Anime Central 2001
ACen 2001: Media Blasters

by George Phillips, May 11th 2001
Media Blasters

(Updated: 5/22/01)

Media Blasters has rapidly expanded from anime into the horror market. Their four tape lines are "AnimeWorks", "Kitty Films", "Tokyo Shock" and the latest line, "Shriek Show".

AnimeWorks is MB's primary anime line. Kitty is devoted to hentai and other mature anime releases. Tokyo Shock is for real-life Japanese film releases, and the new Shriek Show line is devoted to European Horror.

Magic Users Club (Mahou Tsukai Tai!) is doing very well for MB, and so they have acquired the rights to do the television series. The TV series picks up right where the OVA series left off.

Their other major title, Mezzo Forte, is slated for the end of the year. Mezzo Forte is drawn the same company that created Kite.

Speaking of Kite, the less-edited "Directors Cut" of Kite will be available on DVD in the future. A sequel, Kite 2, may be produced, too.

One of MB's earlier acquisitions, Geo Hunter Lime Bem is due out late this year or possibly next year. There isn't a rush to release this title as Magic Users Club and Kenshin are both doing very well in sales.

A recent acquisition, Space Traveler: The Animation, is due out this fall. It has been said to look like Battle of the Planets.

During the panel, John Sirabella discussed how they acquire titles, now that anime has become well established in America. Early on, Media Blasters acquired knowledge about possible licenses through fan subtitled tapes, word of mouth and instinctive reasoning. Nowadays, the company receives screeners and storyboards directly from Japanese companies, often for titles that have only just been released in Japan, or are still in production.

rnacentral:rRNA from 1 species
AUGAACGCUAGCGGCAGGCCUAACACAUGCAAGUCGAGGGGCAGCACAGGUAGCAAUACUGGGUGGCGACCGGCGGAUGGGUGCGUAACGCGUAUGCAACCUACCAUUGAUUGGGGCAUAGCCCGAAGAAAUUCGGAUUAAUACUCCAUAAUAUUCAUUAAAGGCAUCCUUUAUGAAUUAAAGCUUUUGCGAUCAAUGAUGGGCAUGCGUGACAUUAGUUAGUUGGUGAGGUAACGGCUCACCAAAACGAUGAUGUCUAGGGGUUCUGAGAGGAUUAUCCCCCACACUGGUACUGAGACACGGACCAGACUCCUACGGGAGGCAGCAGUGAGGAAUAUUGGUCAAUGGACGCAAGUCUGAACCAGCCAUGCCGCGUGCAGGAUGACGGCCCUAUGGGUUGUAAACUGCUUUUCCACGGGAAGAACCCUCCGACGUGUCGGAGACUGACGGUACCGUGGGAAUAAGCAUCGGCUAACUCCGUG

John also explained the reason for the lack of an English opening on the Kenshin DVDs. It appears that Sony gave permission early on to include the English version of the Judy and Mary song while they sought final confirmation from another segment of the company. It was removed from the DVD when Sony informed MB that they didn't want an English version of their song to be on the release. Future opening songs will not have accompanying English tracks.

When asked about anime on television, John told a tale of what "may have been" with Magic Knight Rayearth: Back during the days before Toonami on Cartoon Network, Nickelodeon began seeking anime titles for a block similar to Toonami, but with a more kid-friendly leaning. Nickelodeon wanted to acquire Magic Knight Rayearth for this block, but wasn't happy with the dramatic nature of the series. Nick asked MB to make the show more comedic, and MB refused. "Everyone wants the next Digimon," John said. As Toonami gained a foothold on Cartoon Network, Nick abandoned its plans for an anime block and instead went to its own studios to produce animated titles more in-line with its audiences' expectations.

Finally, John wished Viz good luck with Inuyasha, although the Viz panel would reveal no verification as to the status of this title.


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